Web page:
mallets, which only .remove small portions at a time. Owing to the great hardness of
the material, any defect in the chiseling greatly increases the labor of polishing. So
slow, indeed, are the operations with granite, that a saw-blade will not cut through an
inch in depth during a whole day, and a good-sized sawn slab will take a week to
polish.

STONE-FLY, Perla, a genus of ncuropferous insects, of the tribe or family plant-
pennes. The hind wings are broader than the fore-wings, and folded at, the inner edge.
The body is elongate, narrow, and flattened; the wings close horizontally on the body;
the abdomen is generally terminated by two bristles (seta). The Iarva3 arc aquatic, and
much resemble the perfect insect, except in the want of wings. A number of species
are common in Britain, and are well known to anglers as an attractive lure for fishes.



Stone.
Stoiieir.an.

STONE F2TJITS, in popular language, are those fruits which are botanically desig-
nated dm pcx. and in which the rind is lleshy, and the putamen bony. Many of li.c
finest dessert fruits are of this description. Those best known hi temperate climate's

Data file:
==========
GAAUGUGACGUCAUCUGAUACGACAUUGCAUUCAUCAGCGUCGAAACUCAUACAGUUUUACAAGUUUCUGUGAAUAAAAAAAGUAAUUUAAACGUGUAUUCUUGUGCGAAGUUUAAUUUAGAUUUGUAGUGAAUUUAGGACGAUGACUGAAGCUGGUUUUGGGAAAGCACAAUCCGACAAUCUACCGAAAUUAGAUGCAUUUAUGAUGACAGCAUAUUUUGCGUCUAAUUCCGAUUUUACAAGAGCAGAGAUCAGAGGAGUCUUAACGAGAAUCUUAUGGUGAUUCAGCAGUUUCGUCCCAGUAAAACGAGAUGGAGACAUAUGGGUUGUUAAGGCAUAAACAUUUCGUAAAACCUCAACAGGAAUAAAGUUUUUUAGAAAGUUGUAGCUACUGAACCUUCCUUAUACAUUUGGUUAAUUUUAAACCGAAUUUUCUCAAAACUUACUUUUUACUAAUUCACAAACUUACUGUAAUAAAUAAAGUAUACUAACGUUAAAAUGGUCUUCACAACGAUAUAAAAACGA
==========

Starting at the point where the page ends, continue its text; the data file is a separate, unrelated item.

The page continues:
generally belong to the natural order n>sacc<, sub-order a//n/g( laha, the order drupacui',
of Lindk-v, as the peach and nectarine, plum, cherry, apricot, etc. In tropical coun-
trie^, many si one-fruits occur, belonging to chrysobalanacea and other natural orders.

STONEHAM. a t. in e. Massachusetts, co. of Middlesex; pop. 'b'O, 4,891. It is on a
branch of the Nashua and Lowell railroad; also having a station 1-i in. from the village
on the Boston and Maine railroad, which is reached by a horse railroad through the
country along a beautifully shaded highway. It is alo connected with Boston by a
horse railroad. It is nine in. n. of Boston and contains 5 churches, a public library, a
savings bank, public schools, and 2 newspapers. It has a box factory, a .-team planin*
mill, machine shops, and 22 shoe factories, doing a business of about 3,000,000.

STONEHA TEN, a sea port t. of Scotland, capital of the co. of Kincardine, and a
station on the railway from Dundee to Aberdeen, is situated on a rocky bay at the
mouth of Carron Water. It is divided into an old and uew : town, on different sides of the
river, and connected by a bridge. The harbor can admit only small vessels. Stonehaven
has very considerable haddock and herring fisheries, and some slight manufactures. Pop.
'71.3,396. Two miles s., on a projecting rock, stands the famous castle of Dunnot-
tar, once the residence of the Earls Marischal.

STONEHENGE (Sax. Stanfietigixt, hanging or uplifted stones), a very remarkable
structure, composed of large artificially raised monolith?, situated on Salisbury plain,
two miles from the town of Amesbury, in Wiltshire. Its neighborhood abounds ill
sepulchral tumuli, in many of which ancient British remains have been found. The
fabric of Stouehenge, which was comparatively entire in the early part of the present cen-
tury, has been so much defaced in recent times as to be at first view little more than a con-
fused pile of moss-grown stones; but a minute inspection will still enable one to tracs